Animal Crossing: New Leaf – A Gaymer’s Review

Latest posts by Dean D'Andrea (see all)

A lot of games focus mainly on the whole idea of running around doing something that leads to the plot progressing and possibly resulting in an ending which will make you feel like the whole process was worthwhile. Animal Crossing does not do that.

Animal Crossing focuses mainly on the fact that it never ends. You are forever stuck in a world of fishing, bug catching, fossil digging, selling, and buying. You are forced to live your life getting yourself into debt by upgrading your house and paying it off by selling anything you can find that may be worth something. You will find yourself being the good Samaritan by doing deeds and favours for your fellow neighbours in the game so that you can be rewarded with a piece of furniture that you can then flog to earn money to pay off that debt of yours.

The main idea of the game is that you arrive at a new town in which they have been awaiting your arrival, as you are the new Mayor. You have no idea that is why you are heading there but they are awaiting you and all the paperwork checks out that that is the reason you are on your way there. As Mayor you now have to spend your time running about keeping your neighbours happy, keeping the place clean and weed free, and arrange building projects to make your town better than all others.

The idea of living in a town full of animals is a weird one, but for some reason it makes it interesting. Of course, it is also really creepy to have animals wander around talking to you and being your only friends, but I feel there to be nothing wrong with that. This game is presumably aimed at the younger gamers than those of my age or older, and although it could teach them about dealing with debt when it comes to paying off your loans, the raccoon mob seems to add a slight scary feel to the game. Why you may ask, well, when the Head Raccoon gives you a house which you must pay off, and the mini Raccoons own the shopping centre, you get the feeling that they perhaps have their unnerving eyes on you as you run about fishing and trying to find other ways to pay off your loans.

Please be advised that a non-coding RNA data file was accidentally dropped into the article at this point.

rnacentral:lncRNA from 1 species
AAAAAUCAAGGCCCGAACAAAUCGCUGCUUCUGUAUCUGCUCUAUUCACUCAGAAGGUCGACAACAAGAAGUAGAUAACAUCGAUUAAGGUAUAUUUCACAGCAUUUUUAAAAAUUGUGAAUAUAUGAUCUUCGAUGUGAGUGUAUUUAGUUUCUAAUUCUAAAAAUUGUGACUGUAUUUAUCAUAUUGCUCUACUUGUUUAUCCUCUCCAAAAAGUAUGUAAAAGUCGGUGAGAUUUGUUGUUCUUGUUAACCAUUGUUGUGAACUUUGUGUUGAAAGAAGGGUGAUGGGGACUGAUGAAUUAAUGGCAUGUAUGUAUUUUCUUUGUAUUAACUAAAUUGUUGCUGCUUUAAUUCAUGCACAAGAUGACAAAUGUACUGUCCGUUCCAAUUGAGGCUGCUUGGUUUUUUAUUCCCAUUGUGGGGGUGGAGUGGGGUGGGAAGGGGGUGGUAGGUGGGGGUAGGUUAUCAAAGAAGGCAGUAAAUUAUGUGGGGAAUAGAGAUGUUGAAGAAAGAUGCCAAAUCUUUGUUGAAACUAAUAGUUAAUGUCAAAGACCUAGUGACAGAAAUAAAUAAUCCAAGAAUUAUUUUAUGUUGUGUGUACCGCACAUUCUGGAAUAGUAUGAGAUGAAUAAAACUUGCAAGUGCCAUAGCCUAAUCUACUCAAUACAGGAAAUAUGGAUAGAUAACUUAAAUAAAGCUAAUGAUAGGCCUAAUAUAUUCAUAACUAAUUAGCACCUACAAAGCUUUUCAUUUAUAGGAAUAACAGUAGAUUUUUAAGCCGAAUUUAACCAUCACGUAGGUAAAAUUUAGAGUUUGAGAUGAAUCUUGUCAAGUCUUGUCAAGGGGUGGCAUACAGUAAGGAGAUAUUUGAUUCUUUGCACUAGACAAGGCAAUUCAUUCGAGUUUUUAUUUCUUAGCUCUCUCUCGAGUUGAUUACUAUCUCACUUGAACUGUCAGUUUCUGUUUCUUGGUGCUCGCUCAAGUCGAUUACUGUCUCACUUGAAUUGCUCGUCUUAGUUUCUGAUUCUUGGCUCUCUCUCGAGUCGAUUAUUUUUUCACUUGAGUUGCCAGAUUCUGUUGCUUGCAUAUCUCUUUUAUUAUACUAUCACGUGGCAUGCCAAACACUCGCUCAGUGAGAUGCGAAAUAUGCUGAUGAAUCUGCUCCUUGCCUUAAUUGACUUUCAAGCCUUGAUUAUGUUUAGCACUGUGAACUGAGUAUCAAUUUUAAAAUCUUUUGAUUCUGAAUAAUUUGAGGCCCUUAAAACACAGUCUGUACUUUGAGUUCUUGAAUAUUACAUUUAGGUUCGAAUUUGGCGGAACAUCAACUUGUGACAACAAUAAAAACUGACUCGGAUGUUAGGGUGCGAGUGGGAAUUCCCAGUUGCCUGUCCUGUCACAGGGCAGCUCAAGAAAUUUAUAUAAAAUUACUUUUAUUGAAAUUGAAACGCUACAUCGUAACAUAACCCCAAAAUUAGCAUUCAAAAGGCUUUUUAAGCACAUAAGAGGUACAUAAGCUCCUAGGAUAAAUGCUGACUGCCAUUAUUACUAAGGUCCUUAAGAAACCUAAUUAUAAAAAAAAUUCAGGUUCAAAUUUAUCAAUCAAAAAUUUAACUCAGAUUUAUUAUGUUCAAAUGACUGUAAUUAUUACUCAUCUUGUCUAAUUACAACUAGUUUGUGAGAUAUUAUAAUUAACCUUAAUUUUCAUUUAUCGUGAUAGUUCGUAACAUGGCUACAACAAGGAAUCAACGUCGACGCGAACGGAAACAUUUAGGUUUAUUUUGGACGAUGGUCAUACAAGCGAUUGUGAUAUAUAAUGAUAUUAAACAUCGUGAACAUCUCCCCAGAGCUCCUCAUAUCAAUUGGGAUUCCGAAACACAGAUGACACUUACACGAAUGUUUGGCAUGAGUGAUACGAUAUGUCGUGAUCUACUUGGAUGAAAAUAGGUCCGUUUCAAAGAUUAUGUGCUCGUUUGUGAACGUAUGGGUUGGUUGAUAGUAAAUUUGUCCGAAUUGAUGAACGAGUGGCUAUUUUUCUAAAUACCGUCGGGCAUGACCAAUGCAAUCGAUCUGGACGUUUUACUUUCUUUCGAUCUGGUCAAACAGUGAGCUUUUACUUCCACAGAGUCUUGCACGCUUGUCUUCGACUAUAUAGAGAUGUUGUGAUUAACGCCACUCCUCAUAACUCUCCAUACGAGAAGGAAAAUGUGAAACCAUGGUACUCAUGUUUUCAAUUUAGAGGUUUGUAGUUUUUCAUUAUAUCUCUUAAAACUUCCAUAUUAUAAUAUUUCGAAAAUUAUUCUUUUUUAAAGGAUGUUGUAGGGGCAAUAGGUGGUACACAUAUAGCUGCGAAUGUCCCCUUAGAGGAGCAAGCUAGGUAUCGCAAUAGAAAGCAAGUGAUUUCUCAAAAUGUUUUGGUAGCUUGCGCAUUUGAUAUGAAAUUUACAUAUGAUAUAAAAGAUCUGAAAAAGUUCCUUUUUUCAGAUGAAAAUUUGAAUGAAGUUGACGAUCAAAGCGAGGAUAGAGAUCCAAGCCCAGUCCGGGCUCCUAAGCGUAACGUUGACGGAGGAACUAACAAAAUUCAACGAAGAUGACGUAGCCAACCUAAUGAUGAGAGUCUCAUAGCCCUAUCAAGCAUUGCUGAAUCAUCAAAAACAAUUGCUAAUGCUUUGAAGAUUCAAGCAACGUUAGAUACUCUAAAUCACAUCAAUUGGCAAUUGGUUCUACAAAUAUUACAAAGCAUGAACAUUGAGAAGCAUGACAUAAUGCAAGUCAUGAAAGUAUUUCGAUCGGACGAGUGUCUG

Without the need to pay off the loan for your house, this game would probably not be that great. The need to pay off something keeps the player going and continuously playing until the house is as big as possible. After the hour of game play each morning, which involves running about digging up everything you can dig up and looking to see what is new in each shop, you are stuck for what to do. However, that idea of giving the player the need to pay off that loan keeps you wanting to play and go back to playing to make sure you have achieved that goal of owning the biggest house possible.

There are much better games out there to play, most with more to do than to waste your life and time running about doing nothing. I am not complaining or saying that you should not play this game, because you should, just try not to get your hopes up and think that this game will keep you entertained for a long period of time. Trust me, after so long of playing, the novelty runs off and you realise that you are not actually doing anything worth the amount of effort you are actually putting into it.